I have been diagnosed with a colorful array of mental illnesses. I know myself enough to understand how my thoughts relate to my behaviors.
I have a thought disorder and mood swings. I also experience chronic insomnia. On average, I sleep three hours a night. I can increase this with a potent dose of benzo or a healthy shot of alcohol. Usually, though, I function on a few hours of sleep every night. I am often awake between 3 am and 7 am. I watch the sunrise, I sit and stare, I feed my cat.
I have gone days or weeks without sleeping. This altered state is my most creative time for writing and has given me a new appreciation for Alice in Wonderland and other fantastic literature.
I went away to college. I have no experience with acid, LSD, mescaline, peyote, or other hallucinogens. In a manic state, I would pull all-nighters, reading Paradise Lost from start to finish, as well as several works of Chaucer, Shakespeare, and the drug-sodden poetry of Coleridge, Shelley, Blake, and Poe.
More often than not, I experience paranoia. I had to leave school because of this fear, and later on, I struggled more. At different phases of life, I had to leave several jobs and apartments because of this uncontrolled fear diagnosed as paranoia.
Passing the milestones of early geriatric aging, I have bouts of paranoia that hit me in the pit of my stomach. Strangers are all watching me. Suddenly the van sporting a logo about “The Golden Age Senior Center” was sent down the block specifically for my line of vision.
I live with my disorder. I deal with paranoia by shutting all but the most innocuous internet devices, retreating into the haven of my room, and waiting for nightfall when the symptoms abate.
There are windows that I fear everywhere in life. When I say window, I mean both literal and figurative ways for people to observe each other. An example is when I go food shopping or drop off the laundry.
During these times, I am visible to other people in the community. When I don’t feel well, I use behavioral coping skills. These skills come in handy when I want to scream or run in the streets and restrain myself because I know it isn’t safe.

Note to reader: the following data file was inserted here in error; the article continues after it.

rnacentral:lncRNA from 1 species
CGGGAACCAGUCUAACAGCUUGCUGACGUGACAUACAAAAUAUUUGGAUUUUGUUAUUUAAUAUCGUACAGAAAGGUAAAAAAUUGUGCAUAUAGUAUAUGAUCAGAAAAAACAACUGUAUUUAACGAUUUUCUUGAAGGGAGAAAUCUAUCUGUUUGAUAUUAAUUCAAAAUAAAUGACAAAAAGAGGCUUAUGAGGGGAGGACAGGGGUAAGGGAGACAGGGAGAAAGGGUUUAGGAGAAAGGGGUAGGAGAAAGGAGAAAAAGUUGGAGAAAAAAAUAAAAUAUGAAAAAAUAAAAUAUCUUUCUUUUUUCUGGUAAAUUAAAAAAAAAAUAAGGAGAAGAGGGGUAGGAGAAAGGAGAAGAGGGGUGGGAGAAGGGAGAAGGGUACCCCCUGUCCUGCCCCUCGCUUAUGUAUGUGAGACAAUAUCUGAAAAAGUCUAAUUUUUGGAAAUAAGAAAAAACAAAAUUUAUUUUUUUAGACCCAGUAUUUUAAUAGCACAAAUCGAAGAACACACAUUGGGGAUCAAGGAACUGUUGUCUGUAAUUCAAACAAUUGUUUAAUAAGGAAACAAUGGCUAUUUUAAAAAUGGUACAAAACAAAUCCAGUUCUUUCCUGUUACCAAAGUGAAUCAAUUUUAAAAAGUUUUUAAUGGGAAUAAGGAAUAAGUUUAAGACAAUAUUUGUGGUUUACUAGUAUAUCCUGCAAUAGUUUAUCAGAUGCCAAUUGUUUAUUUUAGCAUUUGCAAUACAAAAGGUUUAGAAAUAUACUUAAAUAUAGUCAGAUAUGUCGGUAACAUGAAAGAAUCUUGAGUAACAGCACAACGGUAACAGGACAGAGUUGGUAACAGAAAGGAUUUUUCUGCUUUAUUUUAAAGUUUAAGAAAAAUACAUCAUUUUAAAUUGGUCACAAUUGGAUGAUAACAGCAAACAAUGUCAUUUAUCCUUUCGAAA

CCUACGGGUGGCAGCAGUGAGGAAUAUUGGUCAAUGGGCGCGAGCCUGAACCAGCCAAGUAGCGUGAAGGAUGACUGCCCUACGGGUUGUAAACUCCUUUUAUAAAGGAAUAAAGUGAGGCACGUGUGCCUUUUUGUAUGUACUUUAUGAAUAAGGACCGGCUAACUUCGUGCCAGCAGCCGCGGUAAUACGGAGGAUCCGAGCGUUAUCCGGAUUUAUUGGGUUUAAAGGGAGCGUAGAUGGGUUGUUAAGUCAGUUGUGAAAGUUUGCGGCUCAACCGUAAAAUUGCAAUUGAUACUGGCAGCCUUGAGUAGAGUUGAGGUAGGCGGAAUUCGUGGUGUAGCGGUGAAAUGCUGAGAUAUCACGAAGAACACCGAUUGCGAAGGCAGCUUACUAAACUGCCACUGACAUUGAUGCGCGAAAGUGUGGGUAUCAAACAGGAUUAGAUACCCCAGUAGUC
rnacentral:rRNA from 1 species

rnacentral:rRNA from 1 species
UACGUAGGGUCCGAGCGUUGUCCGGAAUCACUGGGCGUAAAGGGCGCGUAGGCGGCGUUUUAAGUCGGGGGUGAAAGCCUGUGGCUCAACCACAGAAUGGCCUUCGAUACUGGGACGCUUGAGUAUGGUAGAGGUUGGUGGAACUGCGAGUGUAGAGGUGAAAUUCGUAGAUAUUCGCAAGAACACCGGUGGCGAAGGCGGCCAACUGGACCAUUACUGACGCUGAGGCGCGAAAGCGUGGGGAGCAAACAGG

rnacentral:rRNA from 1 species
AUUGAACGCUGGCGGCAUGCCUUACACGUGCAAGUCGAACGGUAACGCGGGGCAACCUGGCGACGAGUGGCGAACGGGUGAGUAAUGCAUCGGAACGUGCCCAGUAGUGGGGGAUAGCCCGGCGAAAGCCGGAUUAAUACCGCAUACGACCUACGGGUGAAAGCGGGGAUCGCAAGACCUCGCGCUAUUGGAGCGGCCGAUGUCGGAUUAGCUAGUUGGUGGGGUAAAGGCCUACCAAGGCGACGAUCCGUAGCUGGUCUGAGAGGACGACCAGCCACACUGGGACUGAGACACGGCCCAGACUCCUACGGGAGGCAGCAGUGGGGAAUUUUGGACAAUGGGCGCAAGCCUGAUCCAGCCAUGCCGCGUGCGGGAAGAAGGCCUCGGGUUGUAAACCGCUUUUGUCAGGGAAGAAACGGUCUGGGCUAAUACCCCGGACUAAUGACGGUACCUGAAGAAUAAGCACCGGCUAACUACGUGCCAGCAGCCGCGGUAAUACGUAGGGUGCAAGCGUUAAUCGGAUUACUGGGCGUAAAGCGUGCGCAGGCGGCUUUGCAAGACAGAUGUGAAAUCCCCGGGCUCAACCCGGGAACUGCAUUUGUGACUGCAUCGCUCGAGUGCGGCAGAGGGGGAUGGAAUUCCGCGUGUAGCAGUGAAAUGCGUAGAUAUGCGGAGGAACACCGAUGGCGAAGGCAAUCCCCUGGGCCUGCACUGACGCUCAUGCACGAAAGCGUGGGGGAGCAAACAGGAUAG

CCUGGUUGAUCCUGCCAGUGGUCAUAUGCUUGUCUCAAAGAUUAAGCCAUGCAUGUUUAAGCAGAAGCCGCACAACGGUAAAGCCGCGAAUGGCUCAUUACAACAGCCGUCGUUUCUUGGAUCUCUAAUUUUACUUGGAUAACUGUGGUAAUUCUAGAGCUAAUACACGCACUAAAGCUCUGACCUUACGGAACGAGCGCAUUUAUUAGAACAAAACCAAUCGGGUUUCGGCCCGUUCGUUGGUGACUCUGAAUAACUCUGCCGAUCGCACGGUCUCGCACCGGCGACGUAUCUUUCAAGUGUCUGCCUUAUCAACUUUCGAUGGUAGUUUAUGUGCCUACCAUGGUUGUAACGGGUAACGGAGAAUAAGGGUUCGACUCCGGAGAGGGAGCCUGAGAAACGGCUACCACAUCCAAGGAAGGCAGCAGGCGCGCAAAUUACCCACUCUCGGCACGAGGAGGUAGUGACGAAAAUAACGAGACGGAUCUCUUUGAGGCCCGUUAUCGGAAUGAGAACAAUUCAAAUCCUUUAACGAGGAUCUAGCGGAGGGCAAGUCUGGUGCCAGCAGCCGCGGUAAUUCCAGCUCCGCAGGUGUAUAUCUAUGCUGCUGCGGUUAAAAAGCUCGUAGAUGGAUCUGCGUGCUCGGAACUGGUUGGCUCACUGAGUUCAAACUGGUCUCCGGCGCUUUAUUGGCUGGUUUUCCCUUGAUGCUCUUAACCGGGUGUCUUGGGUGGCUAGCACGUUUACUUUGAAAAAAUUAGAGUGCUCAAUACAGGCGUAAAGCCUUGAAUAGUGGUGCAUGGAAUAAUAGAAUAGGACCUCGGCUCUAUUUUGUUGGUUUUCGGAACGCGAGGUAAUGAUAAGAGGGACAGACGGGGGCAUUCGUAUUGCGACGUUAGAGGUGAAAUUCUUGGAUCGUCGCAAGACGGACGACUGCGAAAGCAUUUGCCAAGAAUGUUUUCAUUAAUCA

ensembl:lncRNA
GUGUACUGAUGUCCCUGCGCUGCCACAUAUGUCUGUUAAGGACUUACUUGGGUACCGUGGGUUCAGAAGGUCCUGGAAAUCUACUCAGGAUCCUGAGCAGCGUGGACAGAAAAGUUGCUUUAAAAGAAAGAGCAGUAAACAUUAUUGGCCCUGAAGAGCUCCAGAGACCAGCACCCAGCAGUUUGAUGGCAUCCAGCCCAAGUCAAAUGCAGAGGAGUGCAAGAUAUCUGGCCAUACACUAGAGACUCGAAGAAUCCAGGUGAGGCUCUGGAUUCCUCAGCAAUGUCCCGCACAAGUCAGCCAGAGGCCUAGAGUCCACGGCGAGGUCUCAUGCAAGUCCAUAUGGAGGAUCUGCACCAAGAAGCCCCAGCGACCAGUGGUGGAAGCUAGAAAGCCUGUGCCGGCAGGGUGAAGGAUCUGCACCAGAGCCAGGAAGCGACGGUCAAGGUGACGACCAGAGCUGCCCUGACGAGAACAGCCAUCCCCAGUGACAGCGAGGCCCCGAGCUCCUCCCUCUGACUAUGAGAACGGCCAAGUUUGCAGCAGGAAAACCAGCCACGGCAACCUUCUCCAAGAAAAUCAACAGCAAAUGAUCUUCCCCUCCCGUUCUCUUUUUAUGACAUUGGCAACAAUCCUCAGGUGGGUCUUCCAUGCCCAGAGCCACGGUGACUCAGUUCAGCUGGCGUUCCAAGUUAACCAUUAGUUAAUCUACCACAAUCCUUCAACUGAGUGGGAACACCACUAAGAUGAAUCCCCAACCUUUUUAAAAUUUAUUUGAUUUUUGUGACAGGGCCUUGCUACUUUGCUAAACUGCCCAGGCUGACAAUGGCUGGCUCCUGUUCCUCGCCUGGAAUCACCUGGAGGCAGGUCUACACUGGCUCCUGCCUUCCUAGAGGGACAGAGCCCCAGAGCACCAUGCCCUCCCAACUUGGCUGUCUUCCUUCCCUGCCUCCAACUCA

There are times when I know my thoughts are just strange. So, I say to myself: no one will be the wiser as long as you act the part. In other words, just because I feel strange doesn’t mean I appear odd to other people. This verbal reassurance helps me be more social and interact in public when I am paranoid.
It is possible to live in the community and be productive while suffering symptoms of mania, paranoia, and scattered thinking. Keep your better self at the forefront. Protecting your safety and freedom will mean taking care of your health. The Cheshire cat smiles, and the caterpillar puffs on his ‘doobie’ while Alice changes from significant to small.
Sometimes I dream in a waking state. Sometimes the old age van follows me down the block. Sometimes, those strangers to the imagination and alternative mind states walk past me, intent on getting to work, oblivious to anything but their cell phones and plans for dinner.
Pause and regroup. I took my medicine.
A siren wails. A phone rings. A child cries. A dog barks.
And Talking Heads resound through my consciousness-
“Same as it ever was, same as it ever was, same as it ever was…”
What brought it all on? Must have been the change of seasons.
Somebody gets scared and says, “Are you all right?”
Oh yes, I say. And smile. We all have little itty bits of fear.